Bureau of Resources and Energy Economics

Bureau of Resources and Energy Economics

The Bureau of Resources and Energy Economics is an economic research unit within the Department of Industry.

We provide professionally independent, high quality economic research, data, analysis and advice to governments, industries and other stakeholders on issues affecting Australia's energy and resources sectors. 

Recent updates

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26 Mar—Transition to the production phase spurring on export earnings to 2018–19

Greater earnings from bulk commodities, underpinned by higher export volumes will contribute to resources and energy commodity export earnings increasing 8 per cent a year to total $284 billion in 2018­­­­–19, according to the Resources and Energy Quarterly—March quarter 2014.

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18 Dec—Transition to production phase to underpin increased export earnings

Higher export volumes of resources and energy commodities combined with a lower Australian dollar exchange rate will support export earnings increasing 17 per cent to $205 billion in 2013–14, according to the Resources and Energy Quarterly—December quarter 2013.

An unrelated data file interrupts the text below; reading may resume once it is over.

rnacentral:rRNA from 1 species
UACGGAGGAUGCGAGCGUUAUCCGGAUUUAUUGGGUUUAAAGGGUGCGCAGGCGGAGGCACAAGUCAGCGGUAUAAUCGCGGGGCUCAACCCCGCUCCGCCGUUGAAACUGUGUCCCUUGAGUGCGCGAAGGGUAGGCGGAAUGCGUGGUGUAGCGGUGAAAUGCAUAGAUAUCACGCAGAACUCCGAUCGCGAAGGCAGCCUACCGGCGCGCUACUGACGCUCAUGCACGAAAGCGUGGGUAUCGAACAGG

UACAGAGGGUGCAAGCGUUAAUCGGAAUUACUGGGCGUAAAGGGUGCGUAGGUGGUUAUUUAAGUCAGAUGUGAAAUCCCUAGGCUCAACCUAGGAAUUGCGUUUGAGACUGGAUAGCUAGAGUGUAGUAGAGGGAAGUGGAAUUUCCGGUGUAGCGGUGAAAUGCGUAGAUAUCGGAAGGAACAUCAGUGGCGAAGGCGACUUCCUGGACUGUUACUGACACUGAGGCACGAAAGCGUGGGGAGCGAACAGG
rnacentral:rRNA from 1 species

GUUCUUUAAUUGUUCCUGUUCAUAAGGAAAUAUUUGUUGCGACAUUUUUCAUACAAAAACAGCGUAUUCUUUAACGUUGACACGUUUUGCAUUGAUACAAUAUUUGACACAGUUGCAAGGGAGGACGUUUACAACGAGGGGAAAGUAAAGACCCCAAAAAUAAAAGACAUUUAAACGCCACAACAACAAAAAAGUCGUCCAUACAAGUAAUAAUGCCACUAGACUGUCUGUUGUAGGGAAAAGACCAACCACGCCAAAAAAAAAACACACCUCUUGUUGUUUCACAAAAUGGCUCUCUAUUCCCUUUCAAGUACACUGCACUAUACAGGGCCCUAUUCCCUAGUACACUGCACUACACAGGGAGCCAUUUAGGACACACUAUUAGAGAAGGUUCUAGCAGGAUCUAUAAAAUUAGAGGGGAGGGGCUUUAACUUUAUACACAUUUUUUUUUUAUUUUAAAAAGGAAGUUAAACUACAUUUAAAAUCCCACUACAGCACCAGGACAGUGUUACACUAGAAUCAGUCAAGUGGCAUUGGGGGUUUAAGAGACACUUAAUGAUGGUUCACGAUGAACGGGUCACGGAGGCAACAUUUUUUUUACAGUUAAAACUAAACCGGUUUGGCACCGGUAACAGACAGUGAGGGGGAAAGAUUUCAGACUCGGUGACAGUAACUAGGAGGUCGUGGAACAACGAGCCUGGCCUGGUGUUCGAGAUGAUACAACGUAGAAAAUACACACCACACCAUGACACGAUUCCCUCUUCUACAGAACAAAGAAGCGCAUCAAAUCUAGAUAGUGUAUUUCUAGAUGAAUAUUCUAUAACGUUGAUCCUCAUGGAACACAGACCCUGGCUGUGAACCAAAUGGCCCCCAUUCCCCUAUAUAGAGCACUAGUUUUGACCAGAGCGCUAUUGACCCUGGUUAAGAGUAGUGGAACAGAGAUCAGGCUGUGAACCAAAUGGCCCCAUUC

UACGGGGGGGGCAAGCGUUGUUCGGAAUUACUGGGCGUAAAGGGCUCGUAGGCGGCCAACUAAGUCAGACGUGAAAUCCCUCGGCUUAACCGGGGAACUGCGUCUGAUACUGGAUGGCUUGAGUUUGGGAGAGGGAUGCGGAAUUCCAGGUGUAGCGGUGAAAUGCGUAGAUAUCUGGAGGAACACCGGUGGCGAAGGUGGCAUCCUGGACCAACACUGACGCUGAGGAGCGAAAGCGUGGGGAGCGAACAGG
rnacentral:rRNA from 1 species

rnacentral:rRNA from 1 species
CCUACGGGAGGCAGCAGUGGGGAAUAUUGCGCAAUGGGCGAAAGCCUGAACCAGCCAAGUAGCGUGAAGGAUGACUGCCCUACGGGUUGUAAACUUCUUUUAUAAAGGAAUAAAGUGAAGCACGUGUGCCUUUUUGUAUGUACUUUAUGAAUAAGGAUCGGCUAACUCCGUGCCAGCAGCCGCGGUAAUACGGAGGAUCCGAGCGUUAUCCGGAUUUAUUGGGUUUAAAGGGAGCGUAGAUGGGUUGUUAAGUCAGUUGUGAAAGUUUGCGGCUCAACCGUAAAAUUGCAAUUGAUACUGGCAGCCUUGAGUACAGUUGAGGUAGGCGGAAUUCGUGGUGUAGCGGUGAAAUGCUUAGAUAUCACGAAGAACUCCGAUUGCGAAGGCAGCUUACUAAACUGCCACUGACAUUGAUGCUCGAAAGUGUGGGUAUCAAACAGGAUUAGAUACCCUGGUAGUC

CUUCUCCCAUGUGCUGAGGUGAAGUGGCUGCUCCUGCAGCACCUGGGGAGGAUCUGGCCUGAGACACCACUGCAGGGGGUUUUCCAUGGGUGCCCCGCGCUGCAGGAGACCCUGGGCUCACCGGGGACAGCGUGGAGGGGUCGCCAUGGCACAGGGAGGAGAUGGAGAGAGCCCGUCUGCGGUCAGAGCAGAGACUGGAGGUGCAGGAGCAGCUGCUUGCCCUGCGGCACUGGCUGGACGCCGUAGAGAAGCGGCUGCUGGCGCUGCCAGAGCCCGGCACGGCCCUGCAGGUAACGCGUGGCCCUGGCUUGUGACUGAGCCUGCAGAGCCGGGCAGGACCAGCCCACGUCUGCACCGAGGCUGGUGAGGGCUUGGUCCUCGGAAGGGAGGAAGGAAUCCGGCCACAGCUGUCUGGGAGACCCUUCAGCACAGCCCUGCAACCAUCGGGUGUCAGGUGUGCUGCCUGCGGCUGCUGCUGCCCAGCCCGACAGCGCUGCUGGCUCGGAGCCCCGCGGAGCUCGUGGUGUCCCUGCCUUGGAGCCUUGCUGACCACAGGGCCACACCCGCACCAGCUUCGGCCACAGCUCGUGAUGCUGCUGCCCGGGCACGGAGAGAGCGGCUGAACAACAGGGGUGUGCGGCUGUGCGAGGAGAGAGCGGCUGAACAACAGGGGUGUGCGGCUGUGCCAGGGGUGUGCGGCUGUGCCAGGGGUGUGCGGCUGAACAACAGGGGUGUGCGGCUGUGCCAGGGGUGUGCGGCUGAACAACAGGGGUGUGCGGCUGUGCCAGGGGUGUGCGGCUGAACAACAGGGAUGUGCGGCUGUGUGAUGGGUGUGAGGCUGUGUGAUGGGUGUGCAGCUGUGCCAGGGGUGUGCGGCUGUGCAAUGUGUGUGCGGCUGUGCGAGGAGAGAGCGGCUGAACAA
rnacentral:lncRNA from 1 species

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27 Nov—Australian resources and energy production to boom

Australia is now seeing a transition from the investment phase of the resources boom to the production phase, with 18 projects completed at a record $30 billion between April and October, according to the Resources and Energy Major Projects—October 2013.

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14 Nov—Chinese economy in stronger position

The Chinese economy is now in a stronger position than it was eighteen months ago, with the economy growing 7.7 per cent (year to date) during the first three quarters of 2013, according to the latest release of The Westpac-BREE China Resources Quarterly.

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23 Oct—Electricity generation major projects 2013

This release of the Electricity generation major projects report covers the period from October 2012 to August 2013. Projects at the Committed Stage of development have received a final investment decision (FID) and have either started, or are about to start, construction. In this current issue BREE finds that there are 22 projects in the committed category with a total planned capacity of 2,689 megawatts and an estimated capital expenditure of $5.6 billion. To put this in perspective, and to show the scale of the pipeline in Australia, the total additional committed generation capacity is equivalent to 5 per cent of existing installed capacity in Australia.